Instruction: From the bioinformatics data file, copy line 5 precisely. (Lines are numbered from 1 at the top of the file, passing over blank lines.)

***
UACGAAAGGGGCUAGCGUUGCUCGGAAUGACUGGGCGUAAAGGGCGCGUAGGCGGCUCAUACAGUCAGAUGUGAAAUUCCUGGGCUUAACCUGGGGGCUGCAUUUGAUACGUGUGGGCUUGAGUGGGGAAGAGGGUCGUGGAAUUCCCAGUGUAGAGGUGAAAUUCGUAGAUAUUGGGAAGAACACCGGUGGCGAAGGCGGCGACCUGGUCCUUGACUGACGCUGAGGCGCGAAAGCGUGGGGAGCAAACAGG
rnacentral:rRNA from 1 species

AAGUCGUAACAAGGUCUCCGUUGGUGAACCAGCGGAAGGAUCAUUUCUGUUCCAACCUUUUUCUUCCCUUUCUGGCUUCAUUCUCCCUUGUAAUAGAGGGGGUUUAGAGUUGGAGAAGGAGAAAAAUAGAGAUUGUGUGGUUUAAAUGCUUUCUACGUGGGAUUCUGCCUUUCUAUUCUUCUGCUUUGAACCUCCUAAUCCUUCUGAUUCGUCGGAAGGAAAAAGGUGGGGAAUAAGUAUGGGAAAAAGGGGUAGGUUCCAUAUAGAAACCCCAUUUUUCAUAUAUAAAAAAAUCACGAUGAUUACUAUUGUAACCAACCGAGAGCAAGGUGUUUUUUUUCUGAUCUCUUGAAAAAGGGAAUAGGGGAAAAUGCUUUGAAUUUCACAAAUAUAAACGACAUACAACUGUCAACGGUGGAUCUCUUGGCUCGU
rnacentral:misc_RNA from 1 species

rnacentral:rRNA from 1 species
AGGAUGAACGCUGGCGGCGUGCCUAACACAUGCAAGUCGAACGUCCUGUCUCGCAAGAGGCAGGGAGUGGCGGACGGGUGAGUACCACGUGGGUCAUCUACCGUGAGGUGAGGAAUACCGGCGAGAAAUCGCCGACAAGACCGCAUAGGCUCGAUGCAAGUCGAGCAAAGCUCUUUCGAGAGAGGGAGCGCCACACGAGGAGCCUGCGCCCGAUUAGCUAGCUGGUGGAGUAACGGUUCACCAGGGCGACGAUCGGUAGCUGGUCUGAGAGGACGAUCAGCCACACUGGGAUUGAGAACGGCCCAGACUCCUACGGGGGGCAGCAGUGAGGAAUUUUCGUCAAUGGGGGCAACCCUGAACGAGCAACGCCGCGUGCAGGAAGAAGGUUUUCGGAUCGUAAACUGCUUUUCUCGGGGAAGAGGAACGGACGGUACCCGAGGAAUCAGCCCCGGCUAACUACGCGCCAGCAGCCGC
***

rnacentral:rRNA from 1 species